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>> the house plan will expand choice, lower cost, and expand access paired we are negotiating with everybody. it's a big fat, beautiful negotiation and hopefully will come up with something that's going to be really terrific. >> bret: isn't it true there is not such a big, fat, beautiful negotiation because you can't negotiate and still get in the reconciliation vehicle in order to have only 50 votes, 51 votes necessary to pass the senate for you don't have a lot of wiggle room here as far as what you can negotiate with on this first bill. is that true? >> yah, the first bill with the president is talking about is the three-pronged approach i just described. we are looking at the other bills want to pass that we can pass that are outside reconciliation and all the things the government can do that the hhs secretary controls to expand the market and deregulate and bring more choice and competition.
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we are making fine tuning touches to the reconciliation bill, working on getting the consensus in the house and senate to make sure we make this the best possible legislation. now that we have this encouraging score from the cbo, this gives more room to work on. moves through the committee process. we have gone through two committees, we have two more to go. then to the senate. this is a work in progress and we are excited about it. i am frankly encouraged. even cbo is telling us we stabilize the market, lower premiums, lowers the deficit, saves money and more importantly of course they're going to say if we're going to stop forcing people to buy something they don't want to buy, they are not going to buy it. that's why you have the uninsured numbers. >> bret: if you are encouraged by the cbo report, what is the cbo report you are discouraged by? >> i've seen a lot. i've been reading them half my life. the point i am saying is cbo validated.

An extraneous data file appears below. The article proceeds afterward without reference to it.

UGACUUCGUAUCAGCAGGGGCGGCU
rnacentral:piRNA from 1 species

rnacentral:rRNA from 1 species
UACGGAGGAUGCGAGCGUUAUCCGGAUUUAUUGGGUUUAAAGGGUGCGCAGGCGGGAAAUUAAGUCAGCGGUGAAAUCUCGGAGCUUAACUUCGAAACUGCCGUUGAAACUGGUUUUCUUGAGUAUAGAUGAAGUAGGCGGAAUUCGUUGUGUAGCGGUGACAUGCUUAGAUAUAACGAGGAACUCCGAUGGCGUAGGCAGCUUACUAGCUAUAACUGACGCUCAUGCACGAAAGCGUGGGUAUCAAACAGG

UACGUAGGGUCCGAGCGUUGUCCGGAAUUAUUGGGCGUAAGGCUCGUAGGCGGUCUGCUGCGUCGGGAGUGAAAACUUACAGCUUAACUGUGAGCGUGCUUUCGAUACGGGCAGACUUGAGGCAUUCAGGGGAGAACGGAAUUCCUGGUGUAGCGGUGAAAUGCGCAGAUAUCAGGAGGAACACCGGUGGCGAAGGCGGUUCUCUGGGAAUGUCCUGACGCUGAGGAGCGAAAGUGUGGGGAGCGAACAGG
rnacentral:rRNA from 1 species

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we are blocked granting medicaid back to the states, saving $880 billion there. this is an $883 billion tax cut for families and small businesses that helps lower their health care costs and it saves money and reduces the deficits. that's really good on all those points. what the cbo is also telling us, by having state-based high-risk pools, tax credits, you can buy what you want in health savings accounts, they are telling us our reforms stabilize the market and lower premiums when the reforms take place. you juxtapose that against a collapsing obamacare system, double-digit premium increases this year, worse next year. very few plans offered. down to one plan in 1 out of 3 counties. zero plans in some places next year. we are witnessing the collapse of obamacare and what cbo is telling us is the replacement plan stabilizes the situation, brings down costs. this is stage one of a three stage process.
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>> bret: understanding what you are saying about obamacare and what you are saying the insurance companies are telling you, we asked for people to write in on twitter, asked questions. "if we pass no plan and left the obamacare stand right now, contacts reform still still happen?" stick oh, no, it makes it extremely complicated. puts us a trillion dollars further down the path from doing tax reform. we can't get to the next budget either which is where tax reform is done. it really would gum up the works and make tax reform that much harder to achieve because we would have these obamacare taxes to deal with. >> bret: i want to ask you about one of your members of your caucus, congressman steve king tweeted out abouters. >> he understands culture and demographics our destiny. we can restore our civilization with somebody else's babies."